Mobile Outreach Street Health (MOSH) has provided accessible primary care services to several underserved populations in the Halifax area since 2009: those who are homeless, insecurely housed and street involved. You may recognize the MOSH van (pictured above), which travels around the community acting as a mobile treatment centre. The MOSH website provides a comprehensive overview of their relationship-based care model, as well as their weekly schedule. In order to learn more about this amazing community organization, we interviewed Becky Marval, who works as an occupational therapist (OT) with MOSH.
- How large is the population you serve?
The number of individuals who stayed in a homeless shelter in the Halifax Regional Municipality was 1,973 in 2011 . However, not all those that MOSH serves are homeless, and MOSH does not serve the entire homeless population. According to a 2011 North End Community Health Centre program evaluation, MOSH had an average of 350-400 encounters per month .
- You work as part of an interdisciplinary team. What members are on that team, and why do you think an interdisciplinary approach is important?
The core team has two full-time nurses, along with a part-time OT (Becky), a few part-time family physicians and part-time “jack-of-all-trades” administrative support. There is also a Housing First branch at MOSH, consisting of team lead EJ Davis and four intensive case managers, with support from an OT and a mental health outreach nurse through a partnership with the Nova Scotia Health Authority.
There are lots of reasons an interdisciplinary/transdisciplinary approach is important. One would be that the folks we’re seeing have complex needs that require different perspectives as well as different personalities. Relationship-based care requires that we have many different options for people, necessitating differences in personalities and skills. We are also able to share and learn from each other because of these different approaches. A transdisciplinary team has overlap and shared responsibilities that aren’t anyone’s job in particular, like handing out food or bus tickets. We also don’t have a social worker on the team, so wherever the scope permits, we stretch our scope as long as it can be ethically stretched in order to help the people we serve in terms of resource navigation. Having an interdisciplinary team allows us to do our work in a more holistic fashion.
- What types of services do you provide as an Occupational Therapist with MOSH?
The types of services I provide are pretty broad. Occupational therapy is focused on allowing individuals to perform their activities of daily living (ADLs), like helping them take care of themselves or their apartment, assisting with mobility and transport, coping with chronic disease (both physical and addictions), and helping them find work or schooling. The focus on occupation can also mean helping individuals to determine meaningful things to do with their time, and how to adapt despite various challenges.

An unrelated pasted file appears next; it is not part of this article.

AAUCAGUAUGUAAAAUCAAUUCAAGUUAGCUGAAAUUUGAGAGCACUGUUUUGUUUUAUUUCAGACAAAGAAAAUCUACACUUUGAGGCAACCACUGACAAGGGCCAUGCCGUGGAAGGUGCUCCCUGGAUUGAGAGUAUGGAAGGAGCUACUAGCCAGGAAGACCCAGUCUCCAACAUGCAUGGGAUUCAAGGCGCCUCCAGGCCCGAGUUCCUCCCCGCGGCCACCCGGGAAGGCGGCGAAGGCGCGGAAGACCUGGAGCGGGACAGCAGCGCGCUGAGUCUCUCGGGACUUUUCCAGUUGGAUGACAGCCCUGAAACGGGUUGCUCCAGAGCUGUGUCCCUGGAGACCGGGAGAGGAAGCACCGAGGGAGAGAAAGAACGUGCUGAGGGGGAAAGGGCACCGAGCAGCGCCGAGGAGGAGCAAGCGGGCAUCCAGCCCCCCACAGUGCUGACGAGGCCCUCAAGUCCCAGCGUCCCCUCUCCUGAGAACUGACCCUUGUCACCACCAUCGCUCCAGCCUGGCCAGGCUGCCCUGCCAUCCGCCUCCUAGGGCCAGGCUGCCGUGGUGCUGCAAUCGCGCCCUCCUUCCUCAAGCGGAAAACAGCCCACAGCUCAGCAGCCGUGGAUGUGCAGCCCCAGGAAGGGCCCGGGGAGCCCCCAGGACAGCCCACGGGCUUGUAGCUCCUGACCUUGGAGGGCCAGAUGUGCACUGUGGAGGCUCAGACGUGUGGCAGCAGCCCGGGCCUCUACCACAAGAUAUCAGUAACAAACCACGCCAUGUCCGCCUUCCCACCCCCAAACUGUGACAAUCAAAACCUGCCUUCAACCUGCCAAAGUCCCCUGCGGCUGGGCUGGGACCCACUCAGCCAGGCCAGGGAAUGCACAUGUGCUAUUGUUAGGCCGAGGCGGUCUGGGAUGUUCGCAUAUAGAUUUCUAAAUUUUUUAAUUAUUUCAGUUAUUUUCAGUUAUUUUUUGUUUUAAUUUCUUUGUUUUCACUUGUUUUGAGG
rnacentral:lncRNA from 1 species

As previously mentioned, the role has to be broad because our team doesn’t have other specialist like a social worker or recreation therapist. Another piece of this work is helping to change the environment so it meets the needs of people. This can involve anything from working toward policy changes, to education around common topics that can be troublesome for staff that are trying to help clients, to building a ramp with limited resources to improve accessibility. There are a couple recent MOSH initiatives that benefit the population in innovative ways. The first is matching people with donated bikes, helmets and locks to facilitate mobility. The other is our history project, where people are encouraged to tell their stories. This provides a bit of a diving board for people to see themselves as experts and share their wisdom.
- Have you partnered with Dalhousie University before? If so, in what capacity?
We have an established partnership with Dalhousie Dentistry as part of another partnership with the North End Clinic. This involves a dental clinic a few days per week where dental students come and practice under supervision. MOSH constantly has Dalhousie students from a variety of backgrounds doing work and service placements. A lot of student projects look for real life problems and situations, and MOSH can provide them with the opportunity to conduct program evaluations and literature reviews.
- What do you think describes an effective partnership?
Aspects that are helpful include communication and mutual regard (respect, trust and awareness of strengths and weaknesses). Things that are not helpful include territoriality, guarding/protection of resources, and only looking out for oneself. Partnerships require similar philosophies, or at least the ability to arrive at a common ground or purpose. Finally, partnerships need to make sense for the target population. With MOSH that means achieving effectiveness with limited resources.
- What do you find most rewarding about your work with MOSH?
I find it really rewarding when I’m surprised at how well things can work out. I shouldn’t be surprised anymore, but just when I think we’ve run out of options, it’s very rewarding to find out we have endless possibilities and options to consider! It makes me hopeful, and reminds me there’s no reason to ever give up.
All of us at the GHO would like to thank Becky for taking time out of her busy schedule to be interviewed! If you are interested in getting involved with MOSH by becoming a committed volunteer or by donating, their contact information is available online. For more information, you can also follow MOSH on Twitter.